The only survivors, two men, one white and one native, were also forced to make choices that dictated whether they would live or die. In both the fictional and historical narratives, there will be only one survivor who will pay an unspeakable price for a second chance at life.

Body Trade keeps a tightening grip on its readers, racing to a final few chapters in which the heart pounds inevitably faster. The ending is an unexpected shock to the spirit.

The recent book marketing campaign that claimed that the world needs more Canada still lingers. To that should be added that Canada needs more Margaret Macpherson and writers like her, who offer sophisticated, substantive and poetic novels sure to keep an appetite for fiction alive and very well indeed.

— Lesley Hughes Winnipeg Free Press

Body Trade

Two women in Yellowknife decide, on the spur of the moment, to drop everything, leave their jobs and head to Mexico. Tanya, the one with the Rambler, is a world-weary white woman working in the residential school; her travelling companion is Rosie, a 17-year-old native girl. Both carry the burden of a painful past. Off they go.

It is 1973, the year after the northern crash of a mercy flight, with bush pilot Marten Hartwell having emerged as the sole survivor. This novel by Edmonton author Margaret Macpherson focuses on the journey of the two women, with the crash as a parallel story. By weaving together the two narratives, one factual, the other fictional, Macpherson delivers an intriguing tale with contemporary themes that ring true more than 40 years later.

Hartwell was taking a nurse, a pregnant Inuk woman and a 14-yearold Inuk boy from Cambridge Bay to Yellowknife for medical help. When the plane crashed, the nurse and woman died on impact, and the boy lived for nearly three weeks by eating lichen. Hartwell was eventually rescued. The subsequent inquiry, loaded with controversy and followed by the international press, is "blowing through Yellowknife like a bad spring snowstorm." The extraordinary lengths people go to for survival is a central theme of Body Trade.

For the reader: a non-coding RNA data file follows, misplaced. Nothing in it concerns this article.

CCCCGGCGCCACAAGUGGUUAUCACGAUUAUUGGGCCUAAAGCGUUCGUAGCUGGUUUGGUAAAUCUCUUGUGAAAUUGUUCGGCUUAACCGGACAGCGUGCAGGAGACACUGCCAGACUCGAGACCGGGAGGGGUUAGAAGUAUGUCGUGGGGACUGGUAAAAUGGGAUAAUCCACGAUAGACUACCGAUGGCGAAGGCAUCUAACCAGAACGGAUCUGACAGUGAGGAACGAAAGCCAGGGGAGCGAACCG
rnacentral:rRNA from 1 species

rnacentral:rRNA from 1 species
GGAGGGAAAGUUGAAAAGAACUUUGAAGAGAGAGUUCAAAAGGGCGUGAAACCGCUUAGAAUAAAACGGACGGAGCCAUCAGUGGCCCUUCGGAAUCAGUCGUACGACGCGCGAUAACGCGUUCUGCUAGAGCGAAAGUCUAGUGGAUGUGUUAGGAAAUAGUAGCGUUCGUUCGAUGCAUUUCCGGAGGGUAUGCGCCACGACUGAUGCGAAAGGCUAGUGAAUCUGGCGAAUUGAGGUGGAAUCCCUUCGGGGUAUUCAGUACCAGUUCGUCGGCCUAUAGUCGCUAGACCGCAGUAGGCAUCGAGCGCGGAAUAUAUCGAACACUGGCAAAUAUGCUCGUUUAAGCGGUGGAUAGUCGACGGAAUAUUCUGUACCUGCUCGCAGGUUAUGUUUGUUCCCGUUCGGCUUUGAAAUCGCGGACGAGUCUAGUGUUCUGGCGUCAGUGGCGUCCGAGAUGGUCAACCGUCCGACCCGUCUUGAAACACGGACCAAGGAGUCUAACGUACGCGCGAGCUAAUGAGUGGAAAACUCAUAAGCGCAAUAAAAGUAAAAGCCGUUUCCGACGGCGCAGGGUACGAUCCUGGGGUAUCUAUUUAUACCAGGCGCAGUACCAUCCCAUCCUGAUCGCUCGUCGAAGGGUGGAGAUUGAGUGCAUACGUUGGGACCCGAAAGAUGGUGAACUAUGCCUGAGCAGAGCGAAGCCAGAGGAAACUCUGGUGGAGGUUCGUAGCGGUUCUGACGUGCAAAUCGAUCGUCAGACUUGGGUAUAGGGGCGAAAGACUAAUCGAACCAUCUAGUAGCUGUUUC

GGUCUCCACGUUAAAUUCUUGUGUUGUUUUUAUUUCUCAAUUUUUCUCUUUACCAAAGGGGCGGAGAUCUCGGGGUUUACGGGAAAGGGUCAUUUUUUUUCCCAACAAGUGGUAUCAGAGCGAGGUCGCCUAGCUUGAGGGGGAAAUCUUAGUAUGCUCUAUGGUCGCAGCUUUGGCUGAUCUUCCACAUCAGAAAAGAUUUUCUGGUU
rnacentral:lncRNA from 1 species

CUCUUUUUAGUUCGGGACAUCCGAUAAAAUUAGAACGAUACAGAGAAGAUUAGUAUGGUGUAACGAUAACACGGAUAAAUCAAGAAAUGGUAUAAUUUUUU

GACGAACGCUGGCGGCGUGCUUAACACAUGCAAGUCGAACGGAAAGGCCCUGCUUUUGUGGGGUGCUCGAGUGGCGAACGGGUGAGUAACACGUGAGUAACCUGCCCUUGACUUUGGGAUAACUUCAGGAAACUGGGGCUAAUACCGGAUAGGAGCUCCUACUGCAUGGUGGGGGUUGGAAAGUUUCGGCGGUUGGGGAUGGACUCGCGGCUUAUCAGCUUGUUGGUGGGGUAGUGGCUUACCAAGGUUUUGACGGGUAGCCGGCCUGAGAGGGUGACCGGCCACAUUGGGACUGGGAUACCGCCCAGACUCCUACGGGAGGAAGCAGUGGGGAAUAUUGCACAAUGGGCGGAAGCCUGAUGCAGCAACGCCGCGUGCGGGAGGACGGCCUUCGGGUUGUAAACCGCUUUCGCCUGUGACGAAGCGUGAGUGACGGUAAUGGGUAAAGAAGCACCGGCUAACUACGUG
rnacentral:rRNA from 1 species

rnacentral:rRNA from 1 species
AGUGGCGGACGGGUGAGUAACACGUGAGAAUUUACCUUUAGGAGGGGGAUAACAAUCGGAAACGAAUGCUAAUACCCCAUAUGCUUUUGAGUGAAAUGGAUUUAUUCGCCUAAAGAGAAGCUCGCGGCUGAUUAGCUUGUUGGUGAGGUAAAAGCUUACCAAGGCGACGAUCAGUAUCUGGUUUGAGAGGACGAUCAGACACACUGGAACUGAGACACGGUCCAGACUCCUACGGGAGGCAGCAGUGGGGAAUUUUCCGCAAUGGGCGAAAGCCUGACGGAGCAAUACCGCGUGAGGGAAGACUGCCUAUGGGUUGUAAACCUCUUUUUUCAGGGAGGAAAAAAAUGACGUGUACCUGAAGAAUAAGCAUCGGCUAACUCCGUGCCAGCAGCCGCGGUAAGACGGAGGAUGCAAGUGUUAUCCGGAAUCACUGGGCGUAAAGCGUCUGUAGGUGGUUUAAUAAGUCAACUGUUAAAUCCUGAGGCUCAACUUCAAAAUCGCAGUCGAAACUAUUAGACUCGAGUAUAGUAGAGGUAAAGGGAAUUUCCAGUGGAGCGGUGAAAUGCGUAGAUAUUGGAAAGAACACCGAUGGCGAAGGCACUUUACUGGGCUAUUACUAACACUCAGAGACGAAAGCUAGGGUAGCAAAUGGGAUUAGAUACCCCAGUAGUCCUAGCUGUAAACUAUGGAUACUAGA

On the long road trip with many detours, Tanya and Rosie form a bond, which strengthens as they drive south and get into all sorts of predicaments. When their car breaks down, they hitchhike and sleep in all-night laundromats and make a happy detour to Disneyland. But dangers lurk ahead. As two women adrift, with only vague plans, they are open to both adventure and misadventure, mostly in the form of ne'er-do-well men they hook up with along the way. Eventually they make it to Mazatlan.
Macpherson's story is ambitious, and tackles many issues: racism, class struggles, female friendship and white-aboriginal realities. Some of these efforts work, others don't. The clash of the white and aboriginal points of view is sharply defined, and Macpherson effectively uses the metaphor of the landscape to describe these differences. For the whites, "the school year in Yellowknife is like the Mackenzie, one huge muddy brown river of kids that flows fast and furious in and out to school, needing to be fed morning, noon and night." As the women drive south, Rosie marks down in her notebook the names of all the rivers they cross. The rivers came first, then the towns, she explains to Tanya.

Rosie's trusting, sweet nature and her total lack of cynicism are no defence against the threats of the world. But through her, the reader learns a lot of the Indian way of life. Tanya, though more experienced, makes serious errors in judgment. The combination does not add up to a happy ending.

A hellhole in the jungles of Belize is the ultimate destination for these two women, and like the pilot Hartwell, they have to find a way to stay alive.

Body Trade is an unusual story that offers a unique look at the Canadian North and the people who live in it, escape from it or survive its harsh realities.

— Cheryl Purdey Edmonton Journal